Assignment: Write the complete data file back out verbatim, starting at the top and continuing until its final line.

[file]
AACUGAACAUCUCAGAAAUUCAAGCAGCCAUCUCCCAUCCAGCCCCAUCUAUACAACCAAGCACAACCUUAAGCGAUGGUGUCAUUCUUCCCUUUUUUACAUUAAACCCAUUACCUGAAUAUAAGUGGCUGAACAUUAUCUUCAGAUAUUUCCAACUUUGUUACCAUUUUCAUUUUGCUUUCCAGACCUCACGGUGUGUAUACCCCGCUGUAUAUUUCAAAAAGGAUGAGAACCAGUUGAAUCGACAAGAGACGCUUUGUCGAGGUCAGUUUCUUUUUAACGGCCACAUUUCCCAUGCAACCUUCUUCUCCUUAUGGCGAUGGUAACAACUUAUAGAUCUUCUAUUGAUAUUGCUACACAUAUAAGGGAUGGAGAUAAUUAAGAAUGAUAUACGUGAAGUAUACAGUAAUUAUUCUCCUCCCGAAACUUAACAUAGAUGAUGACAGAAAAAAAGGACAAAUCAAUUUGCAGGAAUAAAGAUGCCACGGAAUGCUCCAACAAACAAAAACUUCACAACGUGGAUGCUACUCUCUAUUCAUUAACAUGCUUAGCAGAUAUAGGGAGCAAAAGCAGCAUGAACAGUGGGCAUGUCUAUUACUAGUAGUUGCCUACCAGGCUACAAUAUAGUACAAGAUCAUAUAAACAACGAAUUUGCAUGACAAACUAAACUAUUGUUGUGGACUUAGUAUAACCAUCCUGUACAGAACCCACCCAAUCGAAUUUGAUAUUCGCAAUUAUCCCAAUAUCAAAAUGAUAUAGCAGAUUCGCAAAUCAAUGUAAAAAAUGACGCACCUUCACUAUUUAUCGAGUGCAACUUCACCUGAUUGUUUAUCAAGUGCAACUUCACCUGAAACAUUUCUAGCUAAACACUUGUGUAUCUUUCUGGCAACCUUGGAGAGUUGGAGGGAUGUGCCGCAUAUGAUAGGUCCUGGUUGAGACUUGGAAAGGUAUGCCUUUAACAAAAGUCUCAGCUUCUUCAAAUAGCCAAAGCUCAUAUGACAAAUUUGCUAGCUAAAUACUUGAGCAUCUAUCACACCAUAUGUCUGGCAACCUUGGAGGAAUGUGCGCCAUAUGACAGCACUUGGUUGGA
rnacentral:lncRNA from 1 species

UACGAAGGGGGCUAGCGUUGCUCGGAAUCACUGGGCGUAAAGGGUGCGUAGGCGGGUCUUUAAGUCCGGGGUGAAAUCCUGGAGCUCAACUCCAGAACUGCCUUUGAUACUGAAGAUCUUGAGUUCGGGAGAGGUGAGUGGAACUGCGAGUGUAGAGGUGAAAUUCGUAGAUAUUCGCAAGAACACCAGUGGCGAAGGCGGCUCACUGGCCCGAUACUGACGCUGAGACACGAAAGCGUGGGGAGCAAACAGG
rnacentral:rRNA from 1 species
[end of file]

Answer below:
AACUGAACAUCUCAGAAAUUCAAGCAGCCAUCUCCCAUCCAGCCCCAUCUAUACAACCAAGCACAACCUUAAGCGAUGGUGUCAUUCUUCCCUUUUUUACAUUAAACCCAUUACCUGAAUAUAAGUGGCUGAACAUUAUCUUCAGAUAUUUCCAACUUUGUUACCAUUUUCAUUUUGCUUUCCAGACCUCACGGUGUGUAUACCCCGCUGUAUAUUUCAAAAAGGAUGAGAACCAGUUGAAUCGACAAGAGACGCUUUGUCGAGGUCAGUUUCUUUUUAACGGCCACAUUUCCCAUGCAACCUUCUUCUCCUUAUGGCGAUGGUAACAACUUAUAGAUCUUCUAUUGAUAUUGCUACACAUAUAAGGGAUGGAGAUAAUUAAGAAUGAUAUACGUGAAGUAUACAGUAAUUAUUCUCCUCCCGAAACUUAACAUAGAUGAUGACAGAAAAAAAGGACAAAUCAAUUUGCAGGAAUAAAGAUGCCACGGAAUGCUCCAACAAACAAAAACUUCACAACGUGGAUGCUACUCUCUAUUCAUUAACAUGCUUAGCAGAUAUAGGGAGCAAAAGCAGCAUGAACAGUGGGCAUGUCUAUUACUAGUAGUUGCCUACCAGGCUACAAUAUAGUACAAGAUCAUAUAAACAACGAAUUUGCAUGACAAACUAAACUAUUGUUGUGGACUUAGUAUAACCAUCCUGUACAGAACCCACCCAAUCGAAUUUGAUAUUCGCAAUUAUCCCAAUAUCAAAAUGAUAUAGCAGAUUCGCAAAUCAAUGUAAAAAAUGACGCACCUUCACUAUUUAUCGAGUGCAACUUCACCUGAUUGUUUAUCAAGUGCAACUUCACCUGAAACAUUUCUAGCUAAACACUUGUGUAUCUUUCUGGCAACCUUGGAGAGUUGGAGGGAUGUGCCGCAUAUGAUAGGUCCUGGUUGAGACUUGGAAAGGUAUGCCUUUAACAAAAGUCUCAGCUUCUUCAAAUAGCCAAAGCUCAUAUGACAAAUUUGCUAGCUAAAUACUUGAGCAUCUAUCACACCAUAUGUCUGGCAACCUUGGAGGAAUGUGCGCCAUAUGACAGCACUUGGUUGGA
rnacentral:lncRNA from 1 species

UACGAAGGGGGCUAGCGUUGCUCGGAAUCACUGGGCGUAAAGGGUGCGUAGGCGGGUCUUUAAGUCCGGGGUGAAAUCCUGGAGCUCAACUCCAGAACUGCCUUUGAUACUGAAGAUCUUGAGUUCGGGAGAGGUGAGUGGAACUGCGAGUGUAGAGGUGAAAUUCGUAGAUAUUCGCAAGAACACCAGUGGCGAAGGCGGCUCACUGGCCCGAUACUGACGCUGAGACACGAAAGCGUGGGGAGCAAACAGG
rnacentral:rRNA from 1 species